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Josephus and Pliny as sources

    There seems, at least in the material I've read, to be a clear "need" to
square anything that Pliny or Josephus say about the Essenes and other possible
groups near the Dead Sea with the picture the DSS give of the community at 
Qumran.  This surprises me.  First, it's my impression that Josephus
is generally not regarded as very reliable historically on many points.  Why should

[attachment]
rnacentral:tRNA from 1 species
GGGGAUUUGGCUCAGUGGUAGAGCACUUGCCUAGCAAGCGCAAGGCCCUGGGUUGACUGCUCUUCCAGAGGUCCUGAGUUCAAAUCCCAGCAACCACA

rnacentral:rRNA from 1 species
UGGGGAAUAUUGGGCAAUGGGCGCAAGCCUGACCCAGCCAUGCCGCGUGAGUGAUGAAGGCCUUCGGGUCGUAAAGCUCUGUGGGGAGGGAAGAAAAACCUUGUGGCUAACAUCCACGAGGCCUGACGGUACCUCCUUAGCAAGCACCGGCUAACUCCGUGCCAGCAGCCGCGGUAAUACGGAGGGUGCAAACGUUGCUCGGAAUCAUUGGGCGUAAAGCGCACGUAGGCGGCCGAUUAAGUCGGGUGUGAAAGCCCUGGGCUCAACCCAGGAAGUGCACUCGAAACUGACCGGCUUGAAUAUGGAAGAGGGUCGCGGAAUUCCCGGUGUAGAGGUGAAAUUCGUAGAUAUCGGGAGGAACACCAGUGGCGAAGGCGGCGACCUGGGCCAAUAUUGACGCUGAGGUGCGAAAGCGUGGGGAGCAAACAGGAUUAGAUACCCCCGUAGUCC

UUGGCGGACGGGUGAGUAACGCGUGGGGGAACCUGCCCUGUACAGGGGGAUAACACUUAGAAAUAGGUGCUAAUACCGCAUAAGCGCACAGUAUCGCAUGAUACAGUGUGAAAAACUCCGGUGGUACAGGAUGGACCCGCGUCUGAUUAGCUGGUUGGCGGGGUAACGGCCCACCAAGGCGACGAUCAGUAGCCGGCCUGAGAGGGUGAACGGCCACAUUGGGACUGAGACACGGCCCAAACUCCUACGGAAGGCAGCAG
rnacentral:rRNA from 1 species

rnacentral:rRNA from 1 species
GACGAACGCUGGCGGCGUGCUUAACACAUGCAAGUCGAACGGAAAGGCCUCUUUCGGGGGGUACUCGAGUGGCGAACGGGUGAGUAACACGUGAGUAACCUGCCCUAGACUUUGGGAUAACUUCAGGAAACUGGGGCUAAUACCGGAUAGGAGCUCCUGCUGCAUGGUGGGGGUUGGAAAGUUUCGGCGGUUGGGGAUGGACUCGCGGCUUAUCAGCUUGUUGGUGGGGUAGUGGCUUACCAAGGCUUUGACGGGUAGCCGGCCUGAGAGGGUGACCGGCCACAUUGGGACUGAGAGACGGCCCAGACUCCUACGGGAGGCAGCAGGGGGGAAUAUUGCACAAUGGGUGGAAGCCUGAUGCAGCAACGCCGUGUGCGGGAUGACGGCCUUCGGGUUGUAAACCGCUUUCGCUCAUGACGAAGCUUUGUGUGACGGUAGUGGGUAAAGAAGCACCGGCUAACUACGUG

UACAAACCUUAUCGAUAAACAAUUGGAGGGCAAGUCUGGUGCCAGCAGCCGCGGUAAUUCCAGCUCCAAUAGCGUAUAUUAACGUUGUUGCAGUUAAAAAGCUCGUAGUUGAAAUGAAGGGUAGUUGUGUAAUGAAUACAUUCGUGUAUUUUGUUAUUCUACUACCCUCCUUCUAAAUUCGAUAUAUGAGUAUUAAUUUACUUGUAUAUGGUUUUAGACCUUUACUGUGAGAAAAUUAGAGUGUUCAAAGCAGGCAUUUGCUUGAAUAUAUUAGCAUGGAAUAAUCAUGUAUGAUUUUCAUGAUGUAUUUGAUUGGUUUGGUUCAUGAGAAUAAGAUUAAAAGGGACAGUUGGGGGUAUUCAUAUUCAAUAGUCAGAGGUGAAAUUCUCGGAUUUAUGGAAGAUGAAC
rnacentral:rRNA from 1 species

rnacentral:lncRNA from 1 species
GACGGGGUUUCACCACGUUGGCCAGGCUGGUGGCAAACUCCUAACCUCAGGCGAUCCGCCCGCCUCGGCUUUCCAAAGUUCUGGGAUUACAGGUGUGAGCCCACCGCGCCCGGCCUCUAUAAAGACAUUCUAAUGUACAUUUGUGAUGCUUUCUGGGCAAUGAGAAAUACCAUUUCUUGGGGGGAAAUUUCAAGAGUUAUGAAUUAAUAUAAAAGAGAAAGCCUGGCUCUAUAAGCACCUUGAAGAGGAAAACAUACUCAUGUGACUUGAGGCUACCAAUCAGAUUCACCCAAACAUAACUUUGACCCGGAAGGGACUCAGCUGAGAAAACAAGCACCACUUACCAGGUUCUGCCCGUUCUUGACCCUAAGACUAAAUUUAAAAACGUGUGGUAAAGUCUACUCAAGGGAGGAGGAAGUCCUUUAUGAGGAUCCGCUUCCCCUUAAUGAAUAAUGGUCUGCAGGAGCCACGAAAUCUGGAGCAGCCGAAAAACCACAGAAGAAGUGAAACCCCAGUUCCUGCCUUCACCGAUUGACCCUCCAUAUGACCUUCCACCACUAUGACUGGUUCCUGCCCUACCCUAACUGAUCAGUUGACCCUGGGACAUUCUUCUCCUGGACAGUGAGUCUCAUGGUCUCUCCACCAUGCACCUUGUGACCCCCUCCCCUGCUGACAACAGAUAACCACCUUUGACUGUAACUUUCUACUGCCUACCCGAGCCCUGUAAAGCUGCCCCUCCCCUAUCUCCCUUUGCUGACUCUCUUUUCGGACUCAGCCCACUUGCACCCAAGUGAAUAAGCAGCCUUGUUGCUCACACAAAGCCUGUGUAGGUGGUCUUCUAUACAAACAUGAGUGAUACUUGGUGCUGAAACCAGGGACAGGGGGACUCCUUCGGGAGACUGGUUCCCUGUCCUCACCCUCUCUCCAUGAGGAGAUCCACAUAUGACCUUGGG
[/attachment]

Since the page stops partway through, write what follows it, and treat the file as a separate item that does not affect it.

he be so regarded here?  Second, if we take what some interpreters of ancient
historiography tell us seriously, the last thing we need to do with an historical
work is take it as being intended to teach facts.  Entertain?  Yes.  Maybe
really be a novel?  Yes.  Detailed facts and concern for what "actually 
happned"?  Not according to many NT scholars who read Acts.  So why doesn't that
same judgment fall on Pliny?  I don't see why these two authors with their little
statments are taken as such a serious challenge to any theory about the 
Qumran community.

Ken Litwak
Berserkely, CA